Lal Zimman (FAQ)
[lɑɫ ˈzimn̩]

zimman at linguistics dot ucsb dot edu

Assistant Professor of Linguistics
Affiliated Faculty in Feminist Studies
South Hall 3518
University of California, Santa Barbara
Lal Zimman

Hello! I am an Assistant Professor in the Department of Linguistics and Affiliated Faculty in the Department of Feminist Studies at UC Santa Barbara. I'm also General Editor of Oxford University Press's Studies in Language, Gender, and Sexuality Series. I received my PhD in Linguistics at the University of Colorado, Boulder in 2012, where I was affiliated with the programs in Culture, Language and Social Practice (CLASP) and Women's and Gender Studies. Since then, I have also worked in the Linguistics Departments at Reed College and Stanford University.

My research pursuits are situated in the interdisciplinary field of sociocultural linguistics and are focused around two areas: 1) language, gender, and sexuality, and 2) sociophonetics and (increasingly) its interface with discourse. I also have a community-driven research agenda that focuses on the relationship between language, identity, and embodiment in transgender (and queer) communities. I approach this research from several directions. One concerns the discursive construction of biological sex, which highlights the culturally contingent process of assigning a sex to particular kinds of bodies. Another arm of my work uses this socially-grounded perspective on embodiment to explore the gendered characteristics of the voice, which are often assumed to arise from speakers' position in a biologically-determined sex binary. My research on trans voices aims to explore the complex and mutually reinforcing relationship between social subjectivity in ways that account for a fuller range of gendered identities while also illuminating our understanding of more normative gender. Most recently, I have been working on challenges that arise in the study of gender and the voice, particularly with respect to the role of discourse stance in driving the use of vocal pitch and voice quality.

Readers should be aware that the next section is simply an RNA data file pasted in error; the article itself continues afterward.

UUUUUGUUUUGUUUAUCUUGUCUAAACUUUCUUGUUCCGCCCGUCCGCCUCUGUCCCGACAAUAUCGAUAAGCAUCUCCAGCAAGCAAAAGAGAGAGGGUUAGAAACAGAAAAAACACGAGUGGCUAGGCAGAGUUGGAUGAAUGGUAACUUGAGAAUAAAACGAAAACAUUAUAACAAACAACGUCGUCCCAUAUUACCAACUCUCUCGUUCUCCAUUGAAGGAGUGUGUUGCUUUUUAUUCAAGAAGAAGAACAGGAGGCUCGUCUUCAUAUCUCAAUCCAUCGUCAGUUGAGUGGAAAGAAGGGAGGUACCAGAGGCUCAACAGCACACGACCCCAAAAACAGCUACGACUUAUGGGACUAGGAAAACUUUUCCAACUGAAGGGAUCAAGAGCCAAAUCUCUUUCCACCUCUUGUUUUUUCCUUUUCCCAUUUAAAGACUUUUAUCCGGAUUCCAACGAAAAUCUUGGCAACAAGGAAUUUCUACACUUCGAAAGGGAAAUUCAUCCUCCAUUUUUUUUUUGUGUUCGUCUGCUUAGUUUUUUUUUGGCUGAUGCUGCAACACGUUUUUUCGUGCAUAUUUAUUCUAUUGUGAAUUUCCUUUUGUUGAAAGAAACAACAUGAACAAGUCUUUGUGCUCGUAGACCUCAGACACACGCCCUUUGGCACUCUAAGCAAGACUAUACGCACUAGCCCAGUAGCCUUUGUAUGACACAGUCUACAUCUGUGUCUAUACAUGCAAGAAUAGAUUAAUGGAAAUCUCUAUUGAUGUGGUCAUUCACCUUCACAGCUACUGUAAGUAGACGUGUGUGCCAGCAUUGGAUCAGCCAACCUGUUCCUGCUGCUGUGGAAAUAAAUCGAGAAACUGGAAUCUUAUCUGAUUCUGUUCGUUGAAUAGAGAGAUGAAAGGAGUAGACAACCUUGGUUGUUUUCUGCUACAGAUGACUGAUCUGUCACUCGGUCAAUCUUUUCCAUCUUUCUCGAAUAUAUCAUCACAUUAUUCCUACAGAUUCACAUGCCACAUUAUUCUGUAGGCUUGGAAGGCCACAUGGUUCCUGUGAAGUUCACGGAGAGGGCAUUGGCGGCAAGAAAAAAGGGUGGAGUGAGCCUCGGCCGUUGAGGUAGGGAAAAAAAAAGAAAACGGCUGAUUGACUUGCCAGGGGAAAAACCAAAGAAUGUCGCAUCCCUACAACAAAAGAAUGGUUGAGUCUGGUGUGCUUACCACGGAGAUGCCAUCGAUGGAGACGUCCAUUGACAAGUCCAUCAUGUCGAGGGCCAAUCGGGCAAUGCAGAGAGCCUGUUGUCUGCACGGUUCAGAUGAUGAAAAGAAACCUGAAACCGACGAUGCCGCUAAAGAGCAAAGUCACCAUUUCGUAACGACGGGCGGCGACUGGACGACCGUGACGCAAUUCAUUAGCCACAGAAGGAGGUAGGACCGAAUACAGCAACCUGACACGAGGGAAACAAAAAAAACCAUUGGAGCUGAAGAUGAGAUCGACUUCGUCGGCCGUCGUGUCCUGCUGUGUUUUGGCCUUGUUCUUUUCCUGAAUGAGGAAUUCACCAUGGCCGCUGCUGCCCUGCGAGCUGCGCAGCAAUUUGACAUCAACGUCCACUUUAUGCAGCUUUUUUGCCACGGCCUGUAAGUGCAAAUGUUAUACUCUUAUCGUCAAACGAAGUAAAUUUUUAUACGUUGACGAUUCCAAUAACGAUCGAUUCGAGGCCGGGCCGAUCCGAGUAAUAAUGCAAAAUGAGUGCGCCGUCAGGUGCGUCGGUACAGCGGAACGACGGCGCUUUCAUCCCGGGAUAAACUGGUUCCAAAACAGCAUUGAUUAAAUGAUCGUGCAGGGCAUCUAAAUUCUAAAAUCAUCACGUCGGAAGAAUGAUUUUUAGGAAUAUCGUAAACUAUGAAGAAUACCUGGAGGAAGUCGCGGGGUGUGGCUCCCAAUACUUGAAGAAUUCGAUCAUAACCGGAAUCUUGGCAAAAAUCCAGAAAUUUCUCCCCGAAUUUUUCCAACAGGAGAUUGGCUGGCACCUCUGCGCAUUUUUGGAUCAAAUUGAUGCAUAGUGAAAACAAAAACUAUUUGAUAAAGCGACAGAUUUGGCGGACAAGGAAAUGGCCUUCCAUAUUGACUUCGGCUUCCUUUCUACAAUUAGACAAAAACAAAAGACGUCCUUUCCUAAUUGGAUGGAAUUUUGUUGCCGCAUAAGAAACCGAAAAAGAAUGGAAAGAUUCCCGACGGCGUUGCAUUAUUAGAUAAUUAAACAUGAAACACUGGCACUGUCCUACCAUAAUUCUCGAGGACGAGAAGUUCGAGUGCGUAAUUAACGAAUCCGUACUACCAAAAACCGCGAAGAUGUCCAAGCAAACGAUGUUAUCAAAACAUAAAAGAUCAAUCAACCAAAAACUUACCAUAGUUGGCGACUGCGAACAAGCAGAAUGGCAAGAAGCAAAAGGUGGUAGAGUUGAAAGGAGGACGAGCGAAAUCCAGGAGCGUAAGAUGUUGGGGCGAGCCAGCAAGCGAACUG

Check out my research page for more about my current projects.

Download my CV as a PDF (last updated July, 2018).

My most recent publications:

Upcoming events:
  • October 11-13, 2018: I will be an invited speaker at ETAP4 (Experimental and Theoretical Advances in Prosody) at UMass Amherst. My talk is entitled "Gender, pitch, and voice quality through the lens of transgender speakers."
  • October 18-21, 2018: I'll be presenting two talks at NWAV 47 at NYU later this year (scheduling info to come):
    • "Disambiguating and denaturalizing the voice in sociolinguistics and on Catfish: Toward better theory and practice surrounding the phonetics of sex and gender"
    • With Will Hayworth, "Lexical change as sociopolitical change in talk about transgender bodies: New methods for the corpus analysis of internet data"
  • November 14-18, 2018: 2018 AAAs in San Jose, CA:
    • Thurs, 11/15 @ 3:15pm: I will give a talk entitled "Modeling social and discursive variables in the face of ethnographic accountability" on Jeremy Calder & Qing Zhang's panel, "Expanding Theoretical and Methodological Horizons: Bridging Variationist Sociolinguistics and Linguistic Anthropology."
    • Fri, 11/16 @ 8:00-9:45am: I am also co-organizing a panel with Mary Bucholtz, "Interrogating Injustice in the Discipline and the Academy."
    • Sat, 11/17 @ 12:15-1:45pm: Finally I will participate in the Society for Linguistic Anthropology's Presidential Conversation, "Language and Social Justice in Practice."
  • January, 2019: I will give the Martin Luther King, Jr. Memorial Lecture at the University of Michigan.
Other news & press clippings:

(old news...)

Frequently Asked Questions about my name:
How do you pronounce Lal?
Phonemically, my pronunciation of Lal is more or less as it's spelled: /lɑl/ though other backish/lowish vowels are also fine to my ear. No front vowels, please. In less technical terms, it shouldn't rhyme with Hal or pal - it should sound more like hall or Paul.

Is that short for anything?
Nope, that's it.

So what kind of name is Lal?
It comes from Sanskrit and can be glossed as 'to play / to caress'. It also means 'red' in Hindi, though Sanskrit is the language my parents – hippies, if there was any doubt  – had in mind when naming me. Other, perhaps better known, Lals include the second Prime Minister to India (Lal Bahadur), Data's android daughter in a memorable episode of Star Trek: The Next Generation (she got to pick her own gender!), and a few others.

What about your last name?
Much less interesting, but sometimes exotified in pronunciation. It's just like Zimmerman without the 'er'.